Jesus said, “Bring them here to Me.”

Then He commanded the multitude to sit down on the grass. And He took the five loaves and two fish, and looking up to heaven, He blessed and broke and gave the loaves to the disciples; and the disciples gave to the multitudes.

So they all ate and were filled, and they took up twelve baskets full of the fragments that remained.

Now those who had eaten were about 5000 men, besides women and children.

In the feeding of the 5000 men plus women and children we meet a Jesus who is the bread of life. If the disciples had understood this miracle they would have known who Jesus was, because this miracle points to the communion service; to the One who not only provides for the daily needs we have, but Who gives us life.

The great point of this miracle is that it assures us that we do not have to leave Jesus, even in this world, to have our needs met. This miracle is our daily life’s life insurance.

The Self-portrait

is of the Great Provider.

Matthew 14:22-32.
Our final story of this review is one of the greatest of the storm stories. It is the conclusion to the story of the feeding of the 5000 men , plus women and children , which we have just revisited. This story occurs on the same day. We would say we were on our way home, when the strangest thing happened!

Immediately Jesus made His disciples get into the boat and go before Him to the other side, while He sent the multitudes away.

And when He had sent the multitudes away, He went up into a mountain by Himself to pray. Now when evening came, He was alone there.

But the boat was now in the middle of the sea, tossed by the waves, for the wind was contrary.
Now in the fourth watch of the night Jesus went to them, walking on the sea.

And when the disciples saw Him walking on the sea, they were troubled, saying, “It is a ghost!” And they cried out for fear.

But immediately Jesus spoke to them, saying, “Be of good cheer! It is I; do not be afraid.”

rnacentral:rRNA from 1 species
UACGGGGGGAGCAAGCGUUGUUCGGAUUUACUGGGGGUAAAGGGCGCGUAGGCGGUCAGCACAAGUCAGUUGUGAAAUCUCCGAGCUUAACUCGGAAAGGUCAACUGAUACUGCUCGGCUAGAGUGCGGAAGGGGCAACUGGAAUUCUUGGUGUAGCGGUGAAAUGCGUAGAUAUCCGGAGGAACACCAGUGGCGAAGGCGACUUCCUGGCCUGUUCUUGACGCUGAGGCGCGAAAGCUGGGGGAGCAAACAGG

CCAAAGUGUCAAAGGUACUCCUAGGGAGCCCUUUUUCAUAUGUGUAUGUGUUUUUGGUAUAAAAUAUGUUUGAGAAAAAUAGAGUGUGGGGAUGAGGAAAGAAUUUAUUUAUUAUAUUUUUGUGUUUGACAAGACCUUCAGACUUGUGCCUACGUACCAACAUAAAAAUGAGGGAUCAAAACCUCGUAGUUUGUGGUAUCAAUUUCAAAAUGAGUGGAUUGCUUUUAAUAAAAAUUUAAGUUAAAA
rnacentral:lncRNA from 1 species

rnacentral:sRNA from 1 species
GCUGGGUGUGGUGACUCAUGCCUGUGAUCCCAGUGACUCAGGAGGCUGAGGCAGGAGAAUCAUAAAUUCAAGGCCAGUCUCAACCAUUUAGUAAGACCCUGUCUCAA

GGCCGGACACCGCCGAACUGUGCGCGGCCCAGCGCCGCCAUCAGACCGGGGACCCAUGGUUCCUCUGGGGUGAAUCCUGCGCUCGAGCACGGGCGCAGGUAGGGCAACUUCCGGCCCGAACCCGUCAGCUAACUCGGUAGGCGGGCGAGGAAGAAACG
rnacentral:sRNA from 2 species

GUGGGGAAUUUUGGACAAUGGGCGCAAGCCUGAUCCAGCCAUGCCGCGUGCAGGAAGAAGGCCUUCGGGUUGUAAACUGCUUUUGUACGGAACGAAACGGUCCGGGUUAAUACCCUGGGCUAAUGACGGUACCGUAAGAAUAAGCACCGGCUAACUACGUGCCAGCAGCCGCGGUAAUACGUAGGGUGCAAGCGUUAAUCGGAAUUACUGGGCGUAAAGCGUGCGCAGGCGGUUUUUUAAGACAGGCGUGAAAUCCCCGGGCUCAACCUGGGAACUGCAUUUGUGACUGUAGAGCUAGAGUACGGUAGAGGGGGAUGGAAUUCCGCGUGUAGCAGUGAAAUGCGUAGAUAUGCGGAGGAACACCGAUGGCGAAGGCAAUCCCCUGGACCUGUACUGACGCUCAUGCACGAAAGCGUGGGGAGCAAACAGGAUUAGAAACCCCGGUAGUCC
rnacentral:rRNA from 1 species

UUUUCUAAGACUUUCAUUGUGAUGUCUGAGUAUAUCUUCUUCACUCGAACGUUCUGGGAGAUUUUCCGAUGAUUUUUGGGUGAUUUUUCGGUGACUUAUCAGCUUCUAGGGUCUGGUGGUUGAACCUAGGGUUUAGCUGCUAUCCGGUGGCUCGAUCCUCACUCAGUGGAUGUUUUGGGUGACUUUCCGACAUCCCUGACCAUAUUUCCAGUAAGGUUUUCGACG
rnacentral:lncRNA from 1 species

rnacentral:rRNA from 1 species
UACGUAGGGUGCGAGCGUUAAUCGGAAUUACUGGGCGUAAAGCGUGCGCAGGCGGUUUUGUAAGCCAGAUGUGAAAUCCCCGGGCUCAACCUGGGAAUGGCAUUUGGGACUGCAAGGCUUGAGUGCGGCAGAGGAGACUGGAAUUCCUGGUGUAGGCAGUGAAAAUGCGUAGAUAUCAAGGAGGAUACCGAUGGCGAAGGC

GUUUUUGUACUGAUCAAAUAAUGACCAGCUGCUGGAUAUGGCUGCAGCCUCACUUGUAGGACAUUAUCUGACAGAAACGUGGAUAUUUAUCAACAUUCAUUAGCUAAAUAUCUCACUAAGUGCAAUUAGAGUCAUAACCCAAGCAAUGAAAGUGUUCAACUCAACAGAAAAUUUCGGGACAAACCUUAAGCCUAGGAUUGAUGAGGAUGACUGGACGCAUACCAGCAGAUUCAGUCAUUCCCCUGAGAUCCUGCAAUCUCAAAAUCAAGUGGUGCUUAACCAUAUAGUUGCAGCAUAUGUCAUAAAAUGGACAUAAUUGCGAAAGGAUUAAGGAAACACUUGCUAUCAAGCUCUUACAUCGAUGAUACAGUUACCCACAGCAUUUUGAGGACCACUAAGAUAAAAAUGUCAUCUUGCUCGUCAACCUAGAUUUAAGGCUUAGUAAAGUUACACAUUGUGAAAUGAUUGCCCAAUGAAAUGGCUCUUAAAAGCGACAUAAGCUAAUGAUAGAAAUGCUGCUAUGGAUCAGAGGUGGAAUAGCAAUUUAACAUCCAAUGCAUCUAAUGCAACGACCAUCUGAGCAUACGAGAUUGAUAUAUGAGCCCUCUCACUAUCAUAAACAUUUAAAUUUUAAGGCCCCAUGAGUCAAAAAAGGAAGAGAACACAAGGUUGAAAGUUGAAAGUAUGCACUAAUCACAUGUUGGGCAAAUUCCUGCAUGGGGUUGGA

And Peter answered Him and said, “Lord, if it is You, command me to come to You on the water.”

So He said, “come.” And when Peter had come down out of the boat, he walked on the water to go to Jesus.

But when he saw that the wind was boisterous, he was afraid; and beginning to sink he cried out, saying, “Lord, save me!”

And immediately Jesus stretched out His hand and caught him, and said to him, “O You of little faith, why did you doubt?”

And when they got into the boat, the wind ceased.

Than those who were in the boat came and worshiped Him, saying, “Truly You are the Son of God.”

Jesus walking on the sea, in the storm, on the water with Peter, shows us that with Him as our focus we are safe anywhere. That He and His constant followers have victory over evil, even when it is on a rampage. But we also see in this experience that when the storms around us draw our attention away from Jesus, we immediately began to be overcome.

The most surprising message from this picture of two walking on water is of Jesus beginning to let His disciple get wet; “and beginning to sink he cried out, saying, ‘Lord, save me!’”

Miracles as Self-portraits

show to us the power of the Divine King.

Miracles as Mirrorstop of page

reflect to us the character of God.

 Self Portrait of God | Chapters 1 | 2 | 3 | 4 | 5 | 6 | 7pdf download